Duty to Avoid Self-Dealing. Self-dealing involves trustees dealing with trust property for their own benefit and violates the duty of loyalty. Unless waived in the trust instrument, acts of self-dealing must be approved by the beneficiaries or the court.

CPAs should request that the settlor include in the trust instrument provisions allowing the accountant to engage their firm. Otherwise, providing accounting services would be self-dealing unless such services were provided as part of the trustee’s duties.

Delegation of Duties. Probate Code Sec. 16052 authorizes the trustee to delegate various duties, such as investment decisions and management functions. If the delegation is reasonable, trustees may be able to limit their responsibility and liability.

Care must be used in selecting the agent, determining the scope of the delegation and reviewing the agent’s performance. For example, when engaging an investment adviser, be clear as to whether the investment adviser is taking overall responsibility or is just advising the trustee regarding portfolio design, strategy and procedures.

Duty to Report. The duty to report is broader than the duty to account. Even if remainder beneficiaries are not entitled to an account, they may be entitled to a report.

Probate Code Sec. 16060 requires the trustee to keep the beneficiaries reasonably informed and Probate Code Sec. 16061 states “ … on reasonable request by a beneficiary, the trustee shall provide the beneficiary with a report of information about the assets, liabilities, receipts, and disbursements of the trust, the acts of the trustee, and the particulars relating to the administration of the trust relevant to the beneficiary’s interest, including the terms of the trust.”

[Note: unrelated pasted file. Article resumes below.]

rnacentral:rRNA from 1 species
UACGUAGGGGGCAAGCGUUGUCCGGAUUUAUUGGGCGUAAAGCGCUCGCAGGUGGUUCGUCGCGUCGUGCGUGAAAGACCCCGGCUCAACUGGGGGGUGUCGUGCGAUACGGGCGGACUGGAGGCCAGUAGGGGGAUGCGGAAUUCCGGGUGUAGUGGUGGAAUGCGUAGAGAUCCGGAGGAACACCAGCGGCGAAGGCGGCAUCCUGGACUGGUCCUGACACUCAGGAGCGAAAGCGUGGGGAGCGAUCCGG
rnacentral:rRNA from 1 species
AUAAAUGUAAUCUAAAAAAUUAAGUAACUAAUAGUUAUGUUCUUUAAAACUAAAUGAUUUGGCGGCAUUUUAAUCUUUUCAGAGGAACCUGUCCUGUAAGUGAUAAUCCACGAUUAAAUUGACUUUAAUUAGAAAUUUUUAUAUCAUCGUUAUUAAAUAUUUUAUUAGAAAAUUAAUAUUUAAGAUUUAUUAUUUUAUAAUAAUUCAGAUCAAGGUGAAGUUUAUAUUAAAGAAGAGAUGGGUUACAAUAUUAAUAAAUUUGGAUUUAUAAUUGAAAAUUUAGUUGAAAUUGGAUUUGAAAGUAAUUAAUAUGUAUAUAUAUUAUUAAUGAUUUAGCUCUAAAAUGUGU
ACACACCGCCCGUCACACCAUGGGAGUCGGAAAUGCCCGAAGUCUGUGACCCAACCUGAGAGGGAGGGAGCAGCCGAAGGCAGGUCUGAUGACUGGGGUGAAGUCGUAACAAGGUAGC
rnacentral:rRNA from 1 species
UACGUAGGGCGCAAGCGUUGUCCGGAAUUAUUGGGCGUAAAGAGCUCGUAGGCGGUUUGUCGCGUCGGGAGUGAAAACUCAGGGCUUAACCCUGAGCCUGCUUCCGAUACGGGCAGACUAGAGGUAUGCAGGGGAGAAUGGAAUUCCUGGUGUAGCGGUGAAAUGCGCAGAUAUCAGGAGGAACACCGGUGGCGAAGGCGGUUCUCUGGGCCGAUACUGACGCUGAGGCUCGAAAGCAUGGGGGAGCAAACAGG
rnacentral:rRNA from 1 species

Liability Issues

Trustees generally are not personally liable to creditors and claimants of trusts. This is similar to a corporation’s officer not being liable for the debts of the corporation (assuming the officer did not personally guarantee the obligation). However, if a trustee personally harmed someone, the trust provides no protection against the trustee’s liability.

Liability for Breach of Fiduciary Duty. Probate Code Sec. 16400 defines a breach of trust as a violation of any fiduciary duty and can be separated into three types: ordinary negligence, gross negligence (recklessness) and intentional (willful) breach of trust. Any amount that a trustee is ordered to pay to a trust is commonly referred to as a surcharge.

Defenses to Liability for Breach of Fiduciary Duty. Even when trustees breach a fiduciary duty, they may not be liable. Exculpatory clauses may limit the trustee’s liability for certain failures.

But under Probate Code Sec. 16461, exculpatory clauses can’t limit liability for gross negligence or intentional acts. Further, courts routinely impose higher standards on professional trustees. Query how a court would view accountants who are serving as trustees and are paying themselves their full professional rate.

Although exculpatory clauses may help certain trustees avoid liability for a breach of trust, it’s unlikely that an exculpatory clause will avoid the removal of a negligent trustee.